In Mexico tripa doesn’t refer to the lining from the first three chambers of a ruminant’s stomach but its small intestine, which, when washed and cleaned, serves as one of the preferred fillings for tacos de fritangas. For this specialty of Mexico City, muscles and organs are “fried” on the periphery of a circular grill with a dome in the middle for warming tortillas. This charola accommodates typical fillings like the pork sausage longaniza; the lean suadero, cut from the brisket; and the tripa. Their juices commingle with the cooking oil, creating a kind of braise, which flavors them and prevents them from drying out, and reminds me a lot of carnitas.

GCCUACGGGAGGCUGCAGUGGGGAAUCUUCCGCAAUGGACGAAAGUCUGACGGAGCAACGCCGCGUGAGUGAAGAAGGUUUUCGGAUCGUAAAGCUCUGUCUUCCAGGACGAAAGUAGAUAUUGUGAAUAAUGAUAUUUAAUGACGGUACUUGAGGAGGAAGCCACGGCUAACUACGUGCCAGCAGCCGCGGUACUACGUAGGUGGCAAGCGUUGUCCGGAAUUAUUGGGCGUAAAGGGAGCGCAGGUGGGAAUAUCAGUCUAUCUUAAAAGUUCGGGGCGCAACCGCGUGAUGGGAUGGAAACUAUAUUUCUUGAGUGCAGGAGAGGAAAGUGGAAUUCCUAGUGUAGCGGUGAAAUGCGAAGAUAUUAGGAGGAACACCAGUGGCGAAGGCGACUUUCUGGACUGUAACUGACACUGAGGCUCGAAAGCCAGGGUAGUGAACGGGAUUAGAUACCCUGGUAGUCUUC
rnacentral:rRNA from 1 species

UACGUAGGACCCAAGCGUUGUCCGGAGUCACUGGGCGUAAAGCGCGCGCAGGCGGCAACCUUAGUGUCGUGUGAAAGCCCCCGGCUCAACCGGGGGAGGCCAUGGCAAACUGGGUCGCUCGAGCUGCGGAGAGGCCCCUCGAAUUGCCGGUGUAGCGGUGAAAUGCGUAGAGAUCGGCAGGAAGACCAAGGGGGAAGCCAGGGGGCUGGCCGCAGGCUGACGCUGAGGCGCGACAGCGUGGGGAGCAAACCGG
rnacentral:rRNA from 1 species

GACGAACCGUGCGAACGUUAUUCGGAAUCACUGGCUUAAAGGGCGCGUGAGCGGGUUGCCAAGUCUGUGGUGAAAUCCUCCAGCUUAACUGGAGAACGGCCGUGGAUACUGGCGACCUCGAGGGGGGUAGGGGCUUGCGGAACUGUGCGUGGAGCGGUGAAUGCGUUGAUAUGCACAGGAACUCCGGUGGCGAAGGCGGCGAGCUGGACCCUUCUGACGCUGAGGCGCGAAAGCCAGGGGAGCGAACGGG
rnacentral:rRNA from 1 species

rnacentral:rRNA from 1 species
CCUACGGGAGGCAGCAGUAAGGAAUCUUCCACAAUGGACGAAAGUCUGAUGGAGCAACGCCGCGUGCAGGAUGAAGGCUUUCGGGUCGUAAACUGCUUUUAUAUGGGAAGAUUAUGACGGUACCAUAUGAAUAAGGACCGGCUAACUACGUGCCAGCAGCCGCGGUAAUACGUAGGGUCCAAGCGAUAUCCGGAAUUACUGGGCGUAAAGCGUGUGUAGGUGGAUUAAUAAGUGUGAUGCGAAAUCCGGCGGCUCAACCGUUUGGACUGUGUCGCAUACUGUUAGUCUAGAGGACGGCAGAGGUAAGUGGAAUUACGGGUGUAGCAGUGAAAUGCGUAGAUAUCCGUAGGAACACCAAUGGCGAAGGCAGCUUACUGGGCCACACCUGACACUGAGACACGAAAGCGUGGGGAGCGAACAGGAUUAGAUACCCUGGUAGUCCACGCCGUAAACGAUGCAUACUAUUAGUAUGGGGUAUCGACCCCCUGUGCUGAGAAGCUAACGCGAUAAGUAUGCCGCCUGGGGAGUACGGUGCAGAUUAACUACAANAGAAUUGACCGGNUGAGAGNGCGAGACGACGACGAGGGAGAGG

There aren’t too many charolas in town, but there is at least one charola master. In May 2011 LTHers discovered Cesar Castillo, the taquero at La Chaparrita #1, and haven’t stopped singing his praises since. But Castillo, a native of Veracruz, has been working the charola for six years at this grocery/taqueria on a quiet residential corner in Little Village.